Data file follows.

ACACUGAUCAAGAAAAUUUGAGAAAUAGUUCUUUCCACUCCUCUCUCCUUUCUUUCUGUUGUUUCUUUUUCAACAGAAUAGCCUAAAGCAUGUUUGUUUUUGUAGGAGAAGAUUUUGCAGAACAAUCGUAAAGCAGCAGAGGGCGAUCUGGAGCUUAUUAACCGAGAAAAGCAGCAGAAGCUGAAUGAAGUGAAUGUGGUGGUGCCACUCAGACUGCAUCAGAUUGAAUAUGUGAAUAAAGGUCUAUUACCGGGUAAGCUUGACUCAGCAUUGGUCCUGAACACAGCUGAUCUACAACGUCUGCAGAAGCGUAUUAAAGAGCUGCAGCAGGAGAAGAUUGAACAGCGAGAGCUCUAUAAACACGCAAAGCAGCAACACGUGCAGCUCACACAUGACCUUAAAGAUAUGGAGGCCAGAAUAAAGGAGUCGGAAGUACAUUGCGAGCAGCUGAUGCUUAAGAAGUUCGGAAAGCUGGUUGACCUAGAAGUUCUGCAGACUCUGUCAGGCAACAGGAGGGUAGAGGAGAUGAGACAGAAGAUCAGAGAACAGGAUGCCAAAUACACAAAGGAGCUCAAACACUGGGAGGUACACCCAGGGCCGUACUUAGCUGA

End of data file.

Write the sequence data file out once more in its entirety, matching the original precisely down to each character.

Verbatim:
ACACUGAUCAAGAAAAUUUGAGAAAUAGUUCUUUCCACUCCUCUCUCCUUUCUUUCUGUUGUUUCUUUUUCAACAGAAUAGCCUAAAGCAUGUUUGUUUUUGUAGGAGAAGAUUUUGCAGAACAAUCGUAAAGCAGCAGAGGGCGAUCUGGAGCUUAUUAACCGAGAAAAGCAGCAGAAGCUGAAUGAAGUGAAUGUGGUGGUGCCACUCAGACUGCAUCAGAUUGAAUAUGUGAAUAAAGGUCUAUUACCGGGUAAGCUUGACUCAGCAUUGGUCCUGAACACAGCUGAUCUACAACGUCUGCAGAAGCGUAUUAAAGAGCUGCAGCAGGAGAAGAUUGAACAGCGAGAGCUCUAUAAACACGCAAAGCAGCAACACGUGCAGCUCACACAUGACCUUAAAGAUAUGGAGGCCAGAAUAAAGGAGUCGGAAGUACAUUGCGAGCAGCUGAUGCUUAAGAAGUUCGGAAAGCUGGUUGACCUAGAAGUUCUGCAGACUCUGUCAGGCAACAGGAGGGUAGAGGAGAUGAGACAGAAGAUCAGAGAACAGGAUGCCAAAUACACAAAGGAGCUCAAACACUGGGAGGUACACCCAGGGCCGUACUUAGCUGA